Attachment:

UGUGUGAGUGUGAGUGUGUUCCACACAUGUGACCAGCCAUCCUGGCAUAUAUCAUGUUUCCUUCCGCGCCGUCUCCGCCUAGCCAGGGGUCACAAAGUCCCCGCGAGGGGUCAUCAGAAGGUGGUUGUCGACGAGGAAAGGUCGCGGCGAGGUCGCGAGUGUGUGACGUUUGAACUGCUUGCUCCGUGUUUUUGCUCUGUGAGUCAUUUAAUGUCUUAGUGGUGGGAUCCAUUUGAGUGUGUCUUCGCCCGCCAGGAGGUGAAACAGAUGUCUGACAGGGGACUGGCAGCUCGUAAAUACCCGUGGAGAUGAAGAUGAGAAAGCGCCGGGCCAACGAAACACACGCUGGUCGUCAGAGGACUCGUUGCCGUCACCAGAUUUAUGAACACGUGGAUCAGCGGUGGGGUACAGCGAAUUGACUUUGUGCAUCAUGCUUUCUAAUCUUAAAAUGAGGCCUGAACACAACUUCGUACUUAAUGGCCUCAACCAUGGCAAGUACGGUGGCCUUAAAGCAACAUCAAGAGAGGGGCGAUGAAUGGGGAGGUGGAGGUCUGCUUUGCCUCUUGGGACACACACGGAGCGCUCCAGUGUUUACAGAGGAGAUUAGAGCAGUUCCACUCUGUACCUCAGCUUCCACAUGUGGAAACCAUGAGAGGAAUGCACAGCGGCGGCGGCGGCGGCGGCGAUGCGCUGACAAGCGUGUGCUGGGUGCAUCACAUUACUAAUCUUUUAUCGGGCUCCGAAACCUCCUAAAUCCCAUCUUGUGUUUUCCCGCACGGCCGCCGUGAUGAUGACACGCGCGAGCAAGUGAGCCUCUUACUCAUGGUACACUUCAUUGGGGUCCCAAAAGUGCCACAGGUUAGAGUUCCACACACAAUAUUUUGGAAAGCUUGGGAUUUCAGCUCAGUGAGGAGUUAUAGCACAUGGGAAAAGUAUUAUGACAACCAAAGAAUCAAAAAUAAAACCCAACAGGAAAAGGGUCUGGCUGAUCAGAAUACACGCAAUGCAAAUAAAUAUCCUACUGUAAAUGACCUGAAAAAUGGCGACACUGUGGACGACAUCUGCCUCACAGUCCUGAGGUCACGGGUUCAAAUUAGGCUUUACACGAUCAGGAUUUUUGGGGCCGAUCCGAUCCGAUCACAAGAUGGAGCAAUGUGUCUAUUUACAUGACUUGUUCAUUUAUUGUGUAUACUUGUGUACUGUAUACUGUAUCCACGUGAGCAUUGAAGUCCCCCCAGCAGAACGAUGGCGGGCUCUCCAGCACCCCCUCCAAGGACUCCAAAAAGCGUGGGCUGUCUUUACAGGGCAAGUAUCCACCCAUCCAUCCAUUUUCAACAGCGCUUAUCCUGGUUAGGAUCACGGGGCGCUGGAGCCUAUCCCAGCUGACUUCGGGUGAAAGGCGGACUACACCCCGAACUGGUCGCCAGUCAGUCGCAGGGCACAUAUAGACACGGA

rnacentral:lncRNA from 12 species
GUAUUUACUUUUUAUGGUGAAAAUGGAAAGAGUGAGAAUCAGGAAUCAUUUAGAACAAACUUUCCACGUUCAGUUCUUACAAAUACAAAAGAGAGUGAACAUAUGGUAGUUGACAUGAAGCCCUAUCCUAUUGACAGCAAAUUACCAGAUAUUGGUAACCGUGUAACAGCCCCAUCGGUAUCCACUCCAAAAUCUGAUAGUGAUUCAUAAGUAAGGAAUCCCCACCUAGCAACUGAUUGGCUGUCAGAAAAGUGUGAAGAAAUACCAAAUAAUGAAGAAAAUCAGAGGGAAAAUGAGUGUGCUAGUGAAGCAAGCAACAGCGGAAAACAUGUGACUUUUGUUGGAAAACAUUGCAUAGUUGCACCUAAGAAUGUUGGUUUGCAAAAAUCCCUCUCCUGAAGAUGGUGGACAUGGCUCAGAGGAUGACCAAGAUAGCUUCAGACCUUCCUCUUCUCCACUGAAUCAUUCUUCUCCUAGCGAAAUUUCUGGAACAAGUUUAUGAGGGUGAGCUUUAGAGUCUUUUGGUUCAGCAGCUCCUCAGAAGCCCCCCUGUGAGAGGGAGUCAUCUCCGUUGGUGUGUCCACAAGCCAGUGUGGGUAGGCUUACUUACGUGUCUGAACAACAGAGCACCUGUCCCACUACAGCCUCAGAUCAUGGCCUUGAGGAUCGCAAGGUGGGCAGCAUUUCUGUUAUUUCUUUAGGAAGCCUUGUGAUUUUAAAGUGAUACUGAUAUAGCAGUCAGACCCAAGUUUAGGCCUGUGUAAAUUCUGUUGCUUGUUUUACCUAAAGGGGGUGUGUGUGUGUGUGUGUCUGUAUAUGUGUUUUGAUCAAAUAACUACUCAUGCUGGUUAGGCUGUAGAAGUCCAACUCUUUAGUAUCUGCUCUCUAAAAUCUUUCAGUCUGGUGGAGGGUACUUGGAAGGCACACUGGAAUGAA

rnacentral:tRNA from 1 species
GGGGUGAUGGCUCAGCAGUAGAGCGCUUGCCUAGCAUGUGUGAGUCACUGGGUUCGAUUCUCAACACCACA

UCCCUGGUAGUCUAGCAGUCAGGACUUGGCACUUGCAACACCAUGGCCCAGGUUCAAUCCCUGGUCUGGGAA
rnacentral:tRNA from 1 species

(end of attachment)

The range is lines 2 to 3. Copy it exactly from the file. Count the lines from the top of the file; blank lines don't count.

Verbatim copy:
rnacentral:lncRNA from 12 species
GUAUUUACUUUUUAUGGUGAAAAUGGAAAGAGUGAGAAUCAGGAAUCAUUUAGAACAAACUUUCCACGUUCAGUUCUUACAAAUACAAAAGAGAGUGAACAUAUGGUAGUUGACAUGAAGCCCUAUCCUAUUGACAGCAAAUUACCAGAUAUUGGUAACCGUGUAACAGCCCCAUCGGUAUCCACUCCAAAAUCUGAUAGUGAUUCAUAAGUAAGGAAUCCCCACCUAGCAACUGAUUGGCUGUCAGAAAAGUGUGAAGAAAUACCAAAUAAUGAAGAAAAUCAGAGGGAAAAUGAGUGUGCUAGUGAAGCAAGCAACAGCGGAAAACAUGUGACUUUUGUUGGAAAACAUUGCAUAGUUGCACCUAAGAAUGUUGGUUUGCAAAAAUCCCUCUCCUGAAGAUGGUGGACAUGGCUCAGAGGAUGACCAAGAUAGCUUCAGACCUUCCUCUUCUCCACUGAAUCAUUCUUCUCCUAGCGAAAUUUCUGGAACAAGUUUAUGAGGGUGAGCUUUAGAGUCUUUUGGUUCAGCAGCUCCUCAGAAGCCCCCCUGUGAGAGGGAGUCAUCUCCGUUGGUGUGUCCACAAGCCAGUGUGGGUAGGCUUACUUACGUGUCUGAACAACAGAGCACCUGUCCCACUACAGCCUCAGAUCAUGGCCUUGAGGAUCGCAAGGUGGGCAGCAUUUCUGUUAUUUCUUUAGGAAGCCUUGUGAUUUUAAAGUGAUACUGAUAUAGCAGUCAGACCCAAGUUUAGGCCUGUGUAAAUUCUGUUGCUUGUUUUACCUAAAGGGGGUGUGUGUGUGUGUGUGUCUGUAUAUGUGUUUUGAUCAAAUAACUACUCAUGCUGGUUAGGCUGUAGAAGUCCAACUCUUUAGUAUCUGCUCUCUAAAAUCUUUCAGUCUGGUGGAGGGUACUUGGAAGGCACACUGGAAUGAA